Third Case Of Meningococcal Meningitis Confirmed At San Diego State University, County Declares Outbreak

An outbreak has been declared at San Diego State University (SDSU) after a third student was diagnosed with meningococcal meningitis.

According to the San Diego County Public Health Services department, a male undergraduate student showed symptoms of the bacterial infection on Tuesday, September 25. Subsequent testing at the California Department of Public Health confirmed that the cause of the illness was serogroup B meningococcus, per a report by NBC 7.

Earlier this month, a female student was diagnosed with the same bacterial disease. The university’s Student Health Services advised students who had prolonged contact with the unidentified infected individual during a sorority recruitment event to get preventative antibiotics, the NBC 7 report said.

County public health officials also disclosed that another female SDSU student was diagnosed with the same disease in June. According to the university’s News Center, the student was living off campus and was not attending classes. An announcement was not made by the county about the case as the infection did not pose a public health risk at the time.

All three students contracted the infection within three-and-a-half months, which led to the declaration of an outbreak in the university. SDSU, together with the County Public Health Services department, is closely monitoring the outbreak.

San Diego County Public Health Services has recommended all undergraduate students under the age of 24-years-old to get immunized against meningococcus B (MenB) if they have not already done so, the News Center report stated.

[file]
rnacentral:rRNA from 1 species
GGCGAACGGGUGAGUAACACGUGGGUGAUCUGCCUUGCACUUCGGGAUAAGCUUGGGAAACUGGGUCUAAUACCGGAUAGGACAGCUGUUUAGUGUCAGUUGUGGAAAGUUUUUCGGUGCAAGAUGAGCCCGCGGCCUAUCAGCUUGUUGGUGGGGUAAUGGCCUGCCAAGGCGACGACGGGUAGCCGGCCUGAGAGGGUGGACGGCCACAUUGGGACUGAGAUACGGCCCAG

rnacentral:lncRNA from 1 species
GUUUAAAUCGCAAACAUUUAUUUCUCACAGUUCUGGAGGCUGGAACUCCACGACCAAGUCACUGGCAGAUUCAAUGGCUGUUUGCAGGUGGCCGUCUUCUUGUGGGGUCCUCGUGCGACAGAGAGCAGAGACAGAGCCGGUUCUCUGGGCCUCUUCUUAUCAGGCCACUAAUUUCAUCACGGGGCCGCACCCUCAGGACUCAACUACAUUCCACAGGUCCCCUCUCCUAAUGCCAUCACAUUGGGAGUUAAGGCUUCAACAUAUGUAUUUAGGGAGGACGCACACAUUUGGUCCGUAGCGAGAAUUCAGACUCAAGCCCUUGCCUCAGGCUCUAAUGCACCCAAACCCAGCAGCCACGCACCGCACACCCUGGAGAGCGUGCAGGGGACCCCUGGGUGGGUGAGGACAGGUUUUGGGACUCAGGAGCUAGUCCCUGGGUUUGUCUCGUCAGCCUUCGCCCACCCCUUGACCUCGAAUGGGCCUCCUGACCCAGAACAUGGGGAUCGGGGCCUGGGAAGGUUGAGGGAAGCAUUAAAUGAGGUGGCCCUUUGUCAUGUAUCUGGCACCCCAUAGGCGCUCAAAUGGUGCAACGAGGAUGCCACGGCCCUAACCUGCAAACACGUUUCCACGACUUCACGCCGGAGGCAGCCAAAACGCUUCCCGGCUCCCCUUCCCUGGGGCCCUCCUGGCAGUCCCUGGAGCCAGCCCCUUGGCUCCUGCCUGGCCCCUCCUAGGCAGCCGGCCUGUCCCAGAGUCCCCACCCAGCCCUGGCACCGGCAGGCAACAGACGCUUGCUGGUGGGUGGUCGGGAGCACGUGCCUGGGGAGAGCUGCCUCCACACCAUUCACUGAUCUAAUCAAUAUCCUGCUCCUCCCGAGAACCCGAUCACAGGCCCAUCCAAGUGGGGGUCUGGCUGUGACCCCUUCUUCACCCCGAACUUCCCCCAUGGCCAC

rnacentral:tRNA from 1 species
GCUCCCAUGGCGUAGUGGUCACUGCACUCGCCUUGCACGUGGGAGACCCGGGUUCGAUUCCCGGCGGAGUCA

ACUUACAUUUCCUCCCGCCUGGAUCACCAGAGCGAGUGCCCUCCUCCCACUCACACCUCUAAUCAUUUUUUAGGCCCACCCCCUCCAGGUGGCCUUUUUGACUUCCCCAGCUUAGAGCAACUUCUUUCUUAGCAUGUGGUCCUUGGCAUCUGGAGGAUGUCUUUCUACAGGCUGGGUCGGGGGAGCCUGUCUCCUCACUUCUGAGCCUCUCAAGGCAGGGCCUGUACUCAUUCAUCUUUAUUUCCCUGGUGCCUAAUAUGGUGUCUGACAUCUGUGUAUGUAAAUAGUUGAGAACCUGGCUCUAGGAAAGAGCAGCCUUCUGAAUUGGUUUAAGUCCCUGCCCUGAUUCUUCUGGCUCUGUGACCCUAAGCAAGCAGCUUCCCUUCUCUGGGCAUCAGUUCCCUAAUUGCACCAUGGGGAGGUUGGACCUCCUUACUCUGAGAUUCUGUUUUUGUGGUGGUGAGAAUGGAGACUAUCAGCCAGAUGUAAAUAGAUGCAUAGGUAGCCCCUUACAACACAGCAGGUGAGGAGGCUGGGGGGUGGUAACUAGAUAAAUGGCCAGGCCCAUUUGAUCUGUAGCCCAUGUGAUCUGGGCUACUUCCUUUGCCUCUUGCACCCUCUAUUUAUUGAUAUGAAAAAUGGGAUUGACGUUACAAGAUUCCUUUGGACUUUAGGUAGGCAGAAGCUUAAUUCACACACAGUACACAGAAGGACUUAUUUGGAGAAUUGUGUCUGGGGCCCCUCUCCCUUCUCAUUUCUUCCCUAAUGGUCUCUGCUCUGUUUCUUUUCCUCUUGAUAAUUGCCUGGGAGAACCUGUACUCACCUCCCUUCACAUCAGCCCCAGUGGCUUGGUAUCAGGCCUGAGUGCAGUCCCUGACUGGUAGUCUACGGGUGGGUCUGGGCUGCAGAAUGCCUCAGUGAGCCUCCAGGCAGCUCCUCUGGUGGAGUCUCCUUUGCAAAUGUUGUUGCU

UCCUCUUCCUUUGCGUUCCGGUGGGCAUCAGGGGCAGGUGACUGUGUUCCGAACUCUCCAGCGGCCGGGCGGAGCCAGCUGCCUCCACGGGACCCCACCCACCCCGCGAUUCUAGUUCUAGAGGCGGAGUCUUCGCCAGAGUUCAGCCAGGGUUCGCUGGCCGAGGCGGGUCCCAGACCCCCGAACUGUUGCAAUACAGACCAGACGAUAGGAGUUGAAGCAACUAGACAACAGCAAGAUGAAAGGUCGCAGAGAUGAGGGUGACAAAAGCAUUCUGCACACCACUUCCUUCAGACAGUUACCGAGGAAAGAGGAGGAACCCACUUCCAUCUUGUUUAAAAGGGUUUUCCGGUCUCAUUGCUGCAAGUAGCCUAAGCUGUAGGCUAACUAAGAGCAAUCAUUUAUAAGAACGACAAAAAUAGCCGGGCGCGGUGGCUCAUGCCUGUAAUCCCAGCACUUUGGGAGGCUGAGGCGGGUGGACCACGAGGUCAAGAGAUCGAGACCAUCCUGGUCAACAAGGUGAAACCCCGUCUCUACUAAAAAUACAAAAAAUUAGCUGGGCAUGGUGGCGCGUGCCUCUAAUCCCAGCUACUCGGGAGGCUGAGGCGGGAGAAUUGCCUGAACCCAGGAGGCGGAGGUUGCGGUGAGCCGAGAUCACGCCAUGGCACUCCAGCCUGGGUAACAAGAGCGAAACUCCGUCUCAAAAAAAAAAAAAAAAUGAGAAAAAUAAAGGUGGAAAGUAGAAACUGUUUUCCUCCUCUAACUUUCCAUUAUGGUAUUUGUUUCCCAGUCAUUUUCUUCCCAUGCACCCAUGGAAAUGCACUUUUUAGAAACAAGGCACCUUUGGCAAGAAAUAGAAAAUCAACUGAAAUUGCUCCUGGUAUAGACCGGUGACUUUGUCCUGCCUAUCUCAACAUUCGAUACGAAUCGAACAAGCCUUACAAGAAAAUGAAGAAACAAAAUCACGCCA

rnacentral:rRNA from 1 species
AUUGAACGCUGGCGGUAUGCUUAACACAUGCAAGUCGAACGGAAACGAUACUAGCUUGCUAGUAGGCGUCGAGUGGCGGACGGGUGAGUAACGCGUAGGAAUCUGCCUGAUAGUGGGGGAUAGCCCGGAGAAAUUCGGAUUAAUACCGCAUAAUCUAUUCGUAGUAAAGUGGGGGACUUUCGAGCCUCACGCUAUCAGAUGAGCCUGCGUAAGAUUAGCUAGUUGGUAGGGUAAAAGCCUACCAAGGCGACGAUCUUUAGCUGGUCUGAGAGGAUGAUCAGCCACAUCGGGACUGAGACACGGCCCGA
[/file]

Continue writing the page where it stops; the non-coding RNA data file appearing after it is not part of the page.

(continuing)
“Although most students on the SDSU campus have been vaccinated as teenagers with a quadrivalent meningococcal vaccine, many have not gotten the serogroup B vaccine, which is needed to protect against the bacteria that has caused these recent illnesses,” said Wilma Wooten, County Public Health officer, as quoted by a CBS8 report.

“Meningococcal disease can be serious and deadly, so we want anyone to be alert for symptoms and seek care should they occur,” she added.

In 2014, an 18-year-old SDSU named Sara Stelzer succumbed to the deadly disease, while a few other students contracted the infection across different colleges in the county. The deceased student had been vaccinated against meningitis, however, the vaccine didn’t cover the rare Type B bacteria, according to the NBC 7 report.

Bacterial meningitis is a contagious disease and can be fatal. According to the Center for Disease Control and Prevention (CDC), infected people can die within a few hours.

The bacteria (meningococcus) can be transmitted through the air via cough droplets, sneeze, oral secretions, intimate contact, such as kissing, or through sharing items like drinking glasses and cigarettes, etc.

Symptoms of meningitis include headaches, sudden fevers, and stiff neck. There could be other symptoms too, such as nausea, vomiting, confusion and perplexity, and increased sensitivity to light.